The 28th of January 2017, marks the beginning of the Chinese New Year – with the traditional celebrations beginning on the 27th of January (New Year’s Eve).
Unlike the Western equivalent which is based on the start of the Gregorian calendar, the Chinese New Year commences when the first new moon appears and the celebrations continue for a full fifteen days, until the first full moon.
Also known as the Spring Festival, the Chinese New Year symbolises the start of a new life and spiritual renewal, and this year is the Year of the Rooster.
If you were born after the first new moon in 1945, 1957, 1969, 1981, 1993, 2005 or 2017, then your Chinese Zodiac symbol is the Rooster. Those born under this sign are said to be highly motivated, hardworking and punctual, although the year of the Rooster is also associated with misfortune or bad luck.
However, the evil spirits that bring this misfortune can be warded off by means of lucky days, numbers, charms, colours and flowers.
The Chinese Zodiac follows a 12-year cycle, with each year assigned a particular animal. In addition to the Rooster, there are 11 more animal signs and these are the Rat, Ox, Tiger, Rabbit, Dragon, Snake, Horse, Sheep, Money, Dog and Pig.
How to Celebrate the Chinese New Year
The Chinese New Year is traditionally celebrated with the giving of gifts, including “lucky” money for children, which is given in red envelopes, and family get togethers and reunion dinners. The ringing of bells and the lighting of firecrackers are used to denote the end of the previous year and the beginning of the next. Exciting lion and dragon dances are also performed in public and watched by families and friends as part of the many street carnivals and festivals that are enjoyed each year by those celebrating the Chinese New Year all over the world.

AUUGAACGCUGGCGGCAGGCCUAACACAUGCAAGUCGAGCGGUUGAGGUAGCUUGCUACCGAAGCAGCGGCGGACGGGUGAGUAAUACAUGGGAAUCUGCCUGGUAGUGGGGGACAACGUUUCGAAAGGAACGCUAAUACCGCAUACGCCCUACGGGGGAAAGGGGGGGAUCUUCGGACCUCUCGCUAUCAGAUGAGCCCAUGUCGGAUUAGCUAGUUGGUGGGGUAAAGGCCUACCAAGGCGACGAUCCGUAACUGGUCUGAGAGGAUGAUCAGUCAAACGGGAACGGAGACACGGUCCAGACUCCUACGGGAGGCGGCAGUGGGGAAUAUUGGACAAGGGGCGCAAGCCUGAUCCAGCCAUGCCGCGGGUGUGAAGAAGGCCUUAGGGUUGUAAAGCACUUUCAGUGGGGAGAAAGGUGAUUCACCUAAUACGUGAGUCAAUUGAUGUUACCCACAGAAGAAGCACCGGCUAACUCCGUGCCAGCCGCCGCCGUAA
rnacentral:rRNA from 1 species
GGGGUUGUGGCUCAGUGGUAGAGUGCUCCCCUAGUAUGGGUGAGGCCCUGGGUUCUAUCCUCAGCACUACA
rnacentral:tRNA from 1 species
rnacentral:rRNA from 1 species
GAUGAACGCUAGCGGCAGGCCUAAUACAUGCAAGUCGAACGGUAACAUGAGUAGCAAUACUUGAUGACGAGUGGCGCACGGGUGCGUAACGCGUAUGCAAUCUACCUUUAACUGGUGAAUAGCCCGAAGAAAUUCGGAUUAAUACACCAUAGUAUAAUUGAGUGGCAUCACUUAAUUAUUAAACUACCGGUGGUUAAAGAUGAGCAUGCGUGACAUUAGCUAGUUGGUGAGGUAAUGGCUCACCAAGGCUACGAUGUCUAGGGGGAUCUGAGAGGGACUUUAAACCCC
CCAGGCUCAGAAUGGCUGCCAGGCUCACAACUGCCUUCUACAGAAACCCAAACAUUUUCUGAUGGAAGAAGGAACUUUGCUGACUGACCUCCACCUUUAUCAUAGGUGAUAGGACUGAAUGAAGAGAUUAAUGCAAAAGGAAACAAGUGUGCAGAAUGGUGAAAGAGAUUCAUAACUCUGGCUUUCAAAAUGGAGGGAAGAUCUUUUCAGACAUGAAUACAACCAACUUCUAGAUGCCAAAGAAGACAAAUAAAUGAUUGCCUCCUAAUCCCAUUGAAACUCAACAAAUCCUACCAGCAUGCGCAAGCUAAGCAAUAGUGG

This year, people celebrating the Year of the Rooster will also prepare for the New Year by cleaning out their homes and putting up new decorations such as red paper cut outs, special paintings and Rooster themed banners. Food is another important part of the celebrations with traditional New Year recipes such as Shredded Pork dishes, Classic Pot Roasts and Fish – which symbolises prosperity wealth. Other foods that are eaten at this time of year include Chinese Dumplings and Spring Rolls, which symbolise wealth, Sweet Rice Balls (togetherness and family), Glutinous Rice Cakes (increased income / promotion) and Longevity Noodles (happiness and long life).
If you are preparing food for the celebrations this year then our colour-coded polyethylene cutting boards and wooden chopping blocks are quite simply perfect for the occasion. Whether you are looking to cut, slice or dice meat, poultry and vegetables using separate surfaces for food hygiene purposes, or you are looking for a convenient method of serving and sharing individual food types amongst family and friends, Row & Sons can supply everything you need to make your Chinese New Year reunion meal an absolute success!